News Release

Global lithium-ion cell manufacturing capacity to quadruple to 1.3 TWh by 2030

Leader China to double pipeline capacity by 2030

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Wood Mackenzie’s latest report shows that global lithium-ion cell manufacturing capacity pipeline could rise fourfold to reach 1.3 terawatt-hour (TWh) in 2030 compared to 2019.

The total capacity attributes to 119 battery manufacturing facilities that are operational, under construction or announced by more than 50 vendors.

Asian manufacturers – CATL, LG Chem, BYD, SK Innovation are leading in capacity arms race, followed by emerging European vendors Northvolt and ACC (JV established by Saft and PSA Group).

Wood Mackenzie senior analyst Mitalee Gupta said: “Manufacturing capacity in Asia Pacific accounts for 80% of global capacity pipeline. The region will remain as the leader of lithium-ion battery production for the next decade.

“Within Asia Pacific, China dominates the pipeline capacity and is expected to double its capacity from 345 gigawatt-hour (GWh) in 2020 to more than 800 GWh by 2030. In addition to local vendors’ rapid expansion in China, foreign manufacturers such as LG Chem, Samsung SDI and SK Innovation have also been adding new lines after they became eligible for subsidies from the Chinese government in 2019.”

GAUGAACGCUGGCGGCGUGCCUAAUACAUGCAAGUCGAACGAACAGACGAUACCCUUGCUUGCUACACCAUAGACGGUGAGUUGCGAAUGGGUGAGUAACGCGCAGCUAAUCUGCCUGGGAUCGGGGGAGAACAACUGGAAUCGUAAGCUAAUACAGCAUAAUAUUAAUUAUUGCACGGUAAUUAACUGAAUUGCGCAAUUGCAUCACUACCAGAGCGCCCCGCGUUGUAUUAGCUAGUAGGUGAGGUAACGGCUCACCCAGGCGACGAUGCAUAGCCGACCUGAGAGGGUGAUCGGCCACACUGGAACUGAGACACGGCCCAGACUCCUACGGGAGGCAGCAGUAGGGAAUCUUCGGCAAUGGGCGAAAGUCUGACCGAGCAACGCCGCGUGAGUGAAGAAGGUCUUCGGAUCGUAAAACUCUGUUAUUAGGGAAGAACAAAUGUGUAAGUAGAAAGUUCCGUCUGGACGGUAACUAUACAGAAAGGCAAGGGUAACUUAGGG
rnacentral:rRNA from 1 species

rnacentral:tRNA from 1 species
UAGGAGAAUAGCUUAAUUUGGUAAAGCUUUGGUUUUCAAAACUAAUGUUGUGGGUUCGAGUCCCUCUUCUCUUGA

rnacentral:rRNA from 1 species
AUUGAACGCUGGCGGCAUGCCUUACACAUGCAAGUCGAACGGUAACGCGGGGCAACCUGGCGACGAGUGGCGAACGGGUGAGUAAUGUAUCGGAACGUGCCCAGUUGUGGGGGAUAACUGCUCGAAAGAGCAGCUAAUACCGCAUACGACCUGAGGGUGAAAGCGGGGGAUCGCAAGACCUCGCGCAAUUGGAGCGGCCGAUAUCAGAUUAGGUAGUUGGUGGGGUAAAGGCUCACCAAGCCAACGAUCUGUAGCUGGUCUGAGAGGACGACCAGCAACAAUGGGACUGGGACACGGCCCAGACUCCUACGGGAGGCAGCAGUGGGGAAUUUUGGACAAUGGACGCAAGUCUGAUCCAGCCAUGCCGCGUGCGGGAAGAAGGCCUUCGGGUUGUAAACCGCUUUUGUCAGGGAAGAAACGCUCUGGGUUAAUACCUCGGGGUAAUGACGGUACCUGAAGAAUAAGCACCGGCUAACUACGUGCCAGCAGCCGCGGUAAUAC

Though currently accounting for only 7% of global capacity, Europe is about to ramp up capacity significantly in the next few years and will eventually hit 25% of global pipeline capacity in 2030. Driven by growing demand for batteries for electric vehicles and energy storage, Asian manufacturers are investing heavily in new plants in Europe, for example, CATL’s Erfurt Plant, LG Chem’s Wroclaw Plant, and Samsung SDI’s Goed Plant. Local manufacturers including Northvolt, ACC, have also put forward ambitious plans to scale up in Europe and localise the battery supply chain.

Americas maintains its share for the next decade. Pipeline capacity are concentrated in the United States, and current operating capacity is led by Tesla’s Gigafactory in Nevada.

In terms of battery chemistry, NMC is the mainstream chemistry in operating facilities, followed by LFP. However, announced capacity is often unspecified due to constantly advancing battery technologies and changing market preference.

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